MySQL: the query optimizer might be inefficient: some queries may get a wrong execution plan causing them to take a long time and consume huge IO.


We've seen patterns of having an agent per each 20 build configurations (types of builds). Or a build agent per 1-2 developers.

See also notes on maximum supported number of agents.


TeamCity does not provide specific support for full replication/redundancy/high availability (HA) or clustering solutions. The only related ability is to set up separate node for processing running builds.
However, to address fast disaster recovery scenarios, it supports active - failover (hot cold standby) approach: the data that the TeamCity server uses can be replicated and a solution put in place to start a new server using the same data if the currently active server malfunctions.


TeamCity agents farm can be reused between the main and the failover servers. Agents will automatically connect to the new server if you make the failover server to be resolved via the old server DNS name and agents connect to the server using the DNS name. See also information on switching from one server to another.
If appropriate, the agents can be replicated just as the server. However, there is no need to replicate any TeamCity-specific data on the agents except for the conf\buildAgent.properties file as all the rest of the data can typically be renewed from the server. In case of replicated agents farm, the replica agents just need to be connected to the failover server.

In case of two servers installations for redundancy purposes, they can use the same set of licenses as only one of them is running at any given moment.

TeamCity Security Notes

The following notes are provided for your reference only and are not meant to be complete or accurate in their entirety.

TeamCity is developed with security concerns in mind, and reasonable efforts are made to make the system invulnerable to different types of attacks. We work with third-parties on assessing TeamCity security using security scanners and penetration tests.
We aim to promptly address newly discovered security issues in the nearest bug-fix releases for the most recent TeamCity major version.
However, the general assumption and recommended setup is to deploy TeamCity in a trusted environment with no possibility for it to be accessed by malicious users. 

Along with these guidelines, please review notes on configuring the TeamCity server for production use. For the list of disclosed security-related issues, see our public issue tracker and the "Security" section in the release notes.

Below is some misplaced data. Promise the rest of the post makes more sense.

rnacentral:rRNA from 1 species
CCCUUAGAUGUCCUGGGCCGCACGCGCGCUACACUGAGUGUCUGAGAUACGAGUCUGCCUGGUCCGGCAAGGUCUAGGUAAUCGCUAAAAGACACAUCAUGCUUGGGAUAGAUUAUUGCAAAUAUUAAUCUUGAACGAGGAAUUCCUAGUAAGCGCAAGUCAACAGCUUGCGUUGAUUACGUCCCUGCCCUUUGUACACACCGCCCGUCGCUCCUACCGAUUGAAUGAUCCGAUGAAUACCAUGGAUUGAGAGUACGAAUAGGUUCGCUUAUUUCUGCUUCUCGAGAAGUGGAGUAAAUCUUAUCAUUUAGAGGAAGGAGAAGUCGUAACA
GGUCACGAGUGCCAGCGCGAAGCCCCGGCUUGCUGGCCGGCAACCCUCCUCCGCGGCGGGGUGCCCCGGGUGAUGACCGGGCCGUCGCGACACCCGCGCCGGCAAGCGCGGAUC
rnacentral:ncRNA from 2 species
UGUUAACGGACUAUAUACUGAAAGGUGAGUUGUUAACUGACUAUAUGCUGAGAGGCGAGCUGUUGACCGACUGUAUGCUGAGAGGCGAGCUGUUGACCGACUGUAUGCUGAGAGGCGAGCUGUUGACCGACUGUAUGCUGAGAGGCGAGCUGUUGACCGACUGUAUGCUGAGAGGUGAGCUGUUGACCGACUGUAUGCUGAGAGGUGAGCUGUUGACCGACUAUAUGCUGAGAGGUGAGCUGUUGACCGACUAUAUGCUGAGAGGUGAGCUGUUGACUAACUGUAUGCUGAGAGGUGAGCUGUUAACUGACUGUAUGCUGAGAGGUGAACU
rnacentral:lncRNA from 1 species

It is recommended to upgrade to newly released TeamCity versions as soon as they become available as they can contain security-related fixes.

Note that since TeamCity 2017.2 the TeamCity Windows installer modifies permisisons of the TeamCity installation directory not to use inheritable permissions and explicitly grants access to the directory to the Administrators user group and the accrount under which the service is configured to run.
It is strongly recommended to restrict permissions to the TeamCity Data Directory in the same way.

Additional security-realted settings

Consider adding the "teamcity.installation.completed=true" line into the <TeamCity Home Directory>\conf\teamcity-startup.properties file - this will prevent the server from creating an administrator user if no such user is found

TeamCity has no built-in protection against DoS attack: high rate of requests can overload the server and make it not responsive. If your TeamCity instance is deployed in the environment which allows such service abuse, implement the protection on the reverse proxy level.

Version-specific settings

Some of the security-related checks and protections are implemented but not turned on by default to prevent compatibility issues. Here is the list of the related settings to enhance security of the server, provided you run 2017.2.3+ version:

  • update the IDE plugins for all users to the latest version and then add the "teamcity.uploadPersonalPatch.requireAuthorization=trueinternal property;
  • add "teamcity.artifacts.restrictRequestsWithArtifactReferer=trueinternal property.

Project administrator can run arbitrary code on the server: https://youtrack.jetbrains.com/issue/TW-50054
To workaround one can add the following properties:
teamcity.server.git.executable.path=git  //???
teamcity.hubPlugin.export.options.enabled=true //???